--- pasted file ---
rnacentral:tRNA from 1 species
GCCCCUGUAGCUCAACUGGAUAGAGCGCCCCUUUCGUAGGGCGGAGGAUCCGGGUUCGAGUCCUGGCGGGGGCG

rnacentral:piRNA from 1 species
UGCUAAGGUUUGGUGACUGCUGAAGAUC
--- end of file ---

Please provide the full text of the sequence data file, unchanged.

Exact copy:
rnacentral:tRNA from 1 species
GCCCCUGUAGCUCAACUGGAUAGAGCGCCCCUUUCGUAGGGCGGAGGAUCCGGGUUCGAGUCCUGGCGGGGGCG

rnacentral:piRNA from 1 species
UGCUAAGGUUUGGUGACUGCUGAAGAUC